- SWAGIFY Money Boy Bookmarklett
He calls himself “The Swagger”, always chillin’ with Gucci bandana and Louis Vitton belt buckle. He’s the hottest shit on the German-speaking web – MONEY BOY – 4 million views on Youtube!!
And here’s what we everyone was waiting for – the SWAGIFY Bookmarklet!!!
Add Money Boy swag to any website!!!! (Drag’n’Drop this into your tool bar to use it on any website)
Original Website: http://tobi-x.com/swagify/
- Honey Laundering and AuthenticityIt’s hard to find just one or two things to excerpt from Jessica Leeder’s great investigation into the large amount of global crime that has grown up around something as simple as honey. It turns out that, in response to U.S. and E.U. trade rules designed to keep antibiotics out of the honey supply, a variety of middlemen have turned up in parts of Asia to conceal the origins of honey–a practice that has been met with equal amount of money spent on tracking down the honey launderers.
Most honey comes from China, where beekeepers are notorious for keeping their bees healthy with antibiotics banned in North America because they seep into honey and contaminate it; packers there learn to mask the acrid notes of poor quality product by mixing in sugar or corn-based syrups to fake good taste.
None of this is on the label. Rarely will a jar of honey say “Made in China.” Instead, Chinese honey sold in North America is more likely to be stamped as Indonesian, Malaysian or Taiwanese, due to a growing multimillion dollar laundering system designed to keep the endless supply of cheap and often contaminated Chinese honey moving into the U.S., where tariffs have been implemented to staunch the flow and protect its own struggling industry.
Much later in her article, Leeder notes that since the honey laundering started in earnest about a decade ago, several countries that produce very little amounts of honey enjoy very large honey exports.
Despite the arrests, the honey industry has been watching suspect import numbers climb.
They are particularly incensed by three countries that, ten years ago, exported zero honey to the U.S., according to Department of Commerce data. India, Malaysia and Indonesia are mysteriously on pace to ship 43 million kilograms of honey into the U.S. by year’s end.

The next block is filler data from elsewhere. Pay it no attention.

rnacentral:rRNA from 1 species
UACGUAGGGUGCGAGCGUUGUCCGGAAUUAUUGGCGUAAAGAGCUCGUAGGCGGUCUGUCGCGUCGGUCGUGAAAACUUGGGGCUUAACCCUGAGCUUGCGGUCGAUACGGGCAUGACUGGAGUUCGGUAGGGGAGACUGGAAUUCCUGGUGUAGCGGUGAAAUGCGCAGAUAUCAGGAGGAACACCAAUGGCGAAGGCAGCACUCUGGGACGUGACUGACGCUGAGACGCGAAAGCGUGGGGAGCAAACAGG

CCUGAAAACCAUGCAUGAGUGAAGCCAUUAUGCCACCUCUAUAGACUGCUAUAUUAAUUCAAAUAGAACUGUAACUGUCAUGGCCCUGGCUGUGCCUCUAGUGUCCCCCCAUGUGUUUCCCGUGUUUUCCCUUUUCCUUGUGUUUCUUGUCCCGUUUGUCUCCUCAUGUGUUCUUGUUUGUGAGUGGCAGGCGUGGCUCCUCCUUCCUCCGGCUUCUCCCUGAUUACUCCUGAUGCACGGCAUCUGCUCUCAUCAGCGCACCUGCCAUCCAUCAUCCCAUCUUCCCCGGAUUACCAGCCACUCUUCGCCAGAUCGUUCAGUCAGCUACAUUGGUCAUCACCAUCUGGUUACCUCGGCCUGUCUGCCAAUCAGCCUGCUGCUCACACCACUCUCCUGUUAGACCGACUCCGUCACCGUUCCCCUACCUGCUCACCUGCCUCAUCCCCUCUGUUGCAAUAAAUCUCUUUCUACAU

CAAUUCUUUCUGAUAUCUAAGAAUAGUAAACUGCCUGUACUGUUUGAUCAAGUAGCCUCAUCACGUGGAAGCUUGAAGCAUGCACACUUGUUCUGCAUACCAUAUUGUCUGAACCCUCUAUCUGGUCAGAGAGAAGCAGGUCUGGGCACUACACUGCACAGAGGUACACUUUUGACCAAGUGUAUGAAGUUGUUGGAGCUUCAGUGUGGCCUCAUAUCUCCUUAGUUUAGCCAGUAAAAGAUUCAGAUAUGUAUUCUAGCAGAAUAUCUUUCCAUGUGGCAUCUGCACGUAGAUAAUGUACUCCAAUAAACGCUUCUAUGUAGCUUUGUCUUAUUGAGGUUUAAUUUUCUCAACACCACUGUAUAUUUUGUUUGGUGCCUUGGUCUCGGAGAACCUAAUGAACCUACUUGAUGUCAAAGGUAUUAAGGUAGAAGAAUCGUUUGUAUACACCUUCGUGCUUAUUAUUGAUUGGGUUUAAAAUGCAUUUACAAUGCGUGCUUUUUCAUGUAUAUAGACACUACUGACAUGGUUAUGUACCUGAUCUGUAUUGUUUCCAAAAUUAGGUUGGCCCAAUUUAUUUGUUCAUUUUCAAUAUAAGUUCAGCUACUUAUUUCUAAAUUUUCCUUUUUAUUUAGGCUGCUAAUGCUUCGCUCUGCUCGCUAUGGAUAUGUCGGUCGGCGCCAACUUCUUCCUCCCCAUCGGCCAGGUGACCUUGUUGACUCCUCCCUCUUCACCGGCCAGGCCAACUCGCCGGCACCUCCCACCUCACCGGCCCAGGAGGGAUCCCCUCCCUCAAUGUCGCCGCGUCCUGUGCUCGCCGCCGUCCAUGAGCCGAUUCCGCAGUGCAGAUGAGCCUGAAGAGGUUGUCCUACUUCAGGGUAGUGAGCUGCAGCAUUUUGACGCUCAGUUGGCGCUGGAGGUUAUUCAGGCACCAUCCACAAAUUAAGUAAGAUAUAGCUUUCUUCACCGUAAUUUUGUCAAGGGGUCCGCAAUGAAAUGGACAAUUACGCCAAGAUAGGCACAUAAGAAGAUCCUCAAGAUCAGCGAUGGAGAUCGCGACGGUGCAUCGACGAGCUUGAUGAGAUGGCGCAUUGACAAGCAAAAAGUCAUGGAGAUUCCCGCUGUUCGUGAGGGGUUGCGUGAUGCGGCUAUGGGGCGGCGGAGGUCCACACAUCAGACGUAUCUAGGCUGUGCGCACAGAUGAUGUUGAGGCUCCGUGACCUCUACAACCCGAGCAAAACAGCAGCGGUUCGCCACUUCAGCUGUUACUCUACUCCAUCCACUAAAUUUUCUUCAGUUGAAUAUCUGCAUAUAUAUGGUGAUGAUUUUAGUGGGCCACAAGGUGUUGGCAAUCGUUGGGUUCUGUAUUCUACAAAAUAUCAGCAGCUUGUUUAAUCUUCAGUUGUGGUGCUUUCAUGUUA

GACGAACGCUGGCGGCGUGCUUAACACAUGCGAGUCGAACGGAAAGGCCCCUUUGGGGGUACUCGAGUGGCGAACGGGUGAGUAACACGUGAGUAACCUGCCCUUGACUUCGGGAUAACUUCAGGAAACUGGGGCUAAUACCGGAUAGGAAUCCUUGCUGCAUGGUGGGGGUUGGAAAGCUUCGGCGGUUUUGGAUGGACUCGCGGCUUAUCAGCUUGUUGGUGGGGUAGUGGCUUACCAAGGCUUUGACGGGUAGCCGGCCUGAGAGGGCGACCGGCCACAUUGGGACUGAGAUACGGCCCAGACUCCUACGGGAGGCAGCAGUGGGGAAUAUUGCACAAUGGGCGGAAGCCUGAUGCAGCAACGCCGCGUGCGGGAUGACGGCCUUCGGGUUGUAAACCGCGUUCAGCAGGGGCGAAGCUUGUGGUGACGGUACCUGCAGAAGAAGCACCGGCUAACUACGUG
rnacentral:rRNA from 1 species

“It is widely known those countries have no productive capacity to justify those quantities,” said Mr. Phipps, the honey markets expert.
The rest of the article, which is well worth reading in full, points out different methods for concealing honey’s origins, strategies for combatting the fraud, and a sort of legal back and forth that seems out of place for what feels like a pretty ordinary food item.
In reading this, though, I was reminded of signals suggesting that honey may not be the only food subject to similar sorts of fraud attempts. For example, in late 2009, a group of students decided to use DNA analysis to try to verify the origins of their foods–and found that 11 of the 66 foods they tested were mislabeled. Not surprisingly, the mislabeled stuff was expensive–sheep’s milk was actually regular old milk, sturgeon caviar was really Mississippi Paddlefish.
And DNA testing–the cost of which keeps dropping–isn’t the only tool at a consumer’s disposal for testing food origins and chemicals. A group of Canadian chemists have developed a little strip–sort of like a piece of paper for testing p.h. levels–to see if a food item contains pesticides, for example.
As of now, most of these stories about food fraud have received relatively little public attention. But it’s interesting to imagine what would happen if stories about honey laundering and the like started gaining traction–and what sorts of reactions it could spur. Certainly, we’d see consumers examining their Florida orange juice, California cheese and so on a lot more closely. And, of course, we’d also see food companies responding by engaging in a lot of desperate marketing to demonstrate the authenticity of their foods. And many more middle men trying to conceal their supply chains.
At some level, I think that scenario is only a matter of when, given that, over time, we really won’t need large governments to invest millions of dollars to track down the origins of our foods. With pesticide test strips, cheap DNA sequencing and the like, the scenario above–of increasing fears of food fraud–may only be a matter of when.
See our completed meta-horoscope chart and make up your own mind.
We’ve also created a single meta-prediction out of the most common words..
How we did it
How do you gather 22,000 horoscopes? Obviously you could manually cut and paste them from one of the many online Zodiac pages. But that, we calculated, would take about a week of solid work (84.44 hours). So we engaged the services of arch-coder Thomas Winnigham to do a bit of hacking.
Yahoo Shine kindly archive their daily predictions in a simple and very hackable format (example). Thank you! So Thomas wrote a Python script to screen-scrape 22,186 horoscopes into a single massive spreadsheet. Screen-scraping is pulling the text off a website after it’s displayed. Python is a programming language. You can use it to write scripts that only gather the specific text you want. Then you run it multiple times so it mines an entire website.
Well, it’s not quite that easy. Big sites like Yahoo have ‘rate-limiting’ on their servers. That means if you access a page too many times too quickly, it thinks you’re a hacker and deploys all kinds of anti-hacking counter-measures. Initially, Thomas set his scraping speed too high (once every 10th of a second) and his IP got instantly banned from Yahoo for 24 hours. After some experimenting (and more bans), he found that a two second delay between scrapes prevented the defense mechanisms from kicking in. The script was set to run in the background (while we smoked cigars and discussed the empire). 12 hours later, we had our 22,000 horoscopes in a single file!